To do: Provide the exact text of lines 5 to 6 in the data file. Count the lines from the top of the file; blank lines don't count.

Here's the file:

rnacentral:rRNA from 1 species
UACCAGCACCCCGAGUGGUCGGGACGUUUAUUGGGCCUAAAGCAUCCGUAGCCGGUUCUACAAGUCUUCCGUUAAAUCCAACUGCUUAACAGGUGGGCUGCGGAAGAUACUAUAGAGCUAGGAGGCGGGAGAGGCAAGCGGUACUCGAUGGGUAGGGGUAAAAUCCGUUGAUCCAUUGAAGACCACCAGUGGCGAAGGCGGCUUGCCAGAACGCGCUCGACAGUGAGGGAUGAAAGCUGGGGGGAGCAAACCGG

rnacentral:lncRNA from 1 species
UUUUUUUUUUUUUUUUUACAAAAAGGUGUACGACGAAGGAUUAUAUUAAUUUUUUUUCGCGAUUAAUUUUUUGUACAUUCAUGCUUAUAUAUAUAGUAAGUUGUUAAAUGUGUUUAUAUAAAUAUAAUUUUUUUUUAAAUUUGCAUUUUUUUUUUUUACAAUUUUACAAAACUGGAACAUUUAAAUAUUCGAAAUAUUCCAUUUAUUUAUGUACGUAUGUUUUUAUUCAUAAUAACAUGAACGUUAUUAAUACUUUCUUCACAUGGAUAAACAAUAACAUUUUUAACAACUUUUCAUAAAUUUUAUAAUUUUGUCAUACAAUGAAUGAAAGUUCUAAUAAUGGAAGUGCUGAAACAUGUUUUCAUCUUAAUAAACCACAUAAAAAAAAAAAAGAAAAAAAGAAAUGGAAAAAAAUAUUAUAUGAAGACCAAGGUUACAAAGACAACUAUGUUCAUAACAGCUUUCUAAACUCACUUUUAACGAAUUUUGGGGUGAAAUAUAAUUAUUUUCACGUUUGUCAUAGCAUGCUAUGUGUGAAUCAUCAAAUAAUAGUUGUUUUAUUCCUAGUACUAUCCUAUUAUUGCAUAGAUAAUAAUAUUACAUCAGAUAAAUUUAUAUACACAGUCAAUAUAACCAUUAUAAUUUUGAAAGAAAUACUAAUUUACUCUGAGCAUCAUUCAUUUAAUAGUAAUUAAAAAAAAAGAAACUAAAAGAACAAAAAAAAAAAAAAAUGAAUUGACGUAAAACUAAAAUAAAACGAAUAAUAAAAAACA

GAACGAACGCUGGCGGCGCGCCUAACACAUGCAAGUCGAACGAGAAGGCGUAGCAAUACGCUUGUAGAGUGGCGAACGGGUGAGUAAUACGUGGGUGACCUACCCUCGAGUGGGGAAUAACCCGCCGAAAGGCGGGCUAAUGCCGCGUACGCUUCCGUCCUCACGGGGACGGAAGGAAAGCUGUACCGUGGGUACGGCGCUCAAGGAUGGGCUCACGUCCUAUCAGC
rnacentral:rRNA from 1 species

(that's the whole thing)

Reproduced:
GAACGAACGCUGGCGGCGCGCCUAACACAUGCAAGUCGAACGAGAAGGCGUAGCAAUACGCUUGUAGAGUGGCGAACGGGUGAGUAAUACGUGGGUGACCUACCCUCGAGUGGGGAAUAACCCGCCGAAAGGCGGGCUAAUGCCGCGUACGCUUCCGUCCUCACGGGGACGGAAGGAAAGCUGUACCGUGGGUACGGCGCUCAAGGAUGGGCUCACGUCCUAUCAGC
rnacentral:rRNA from 1 species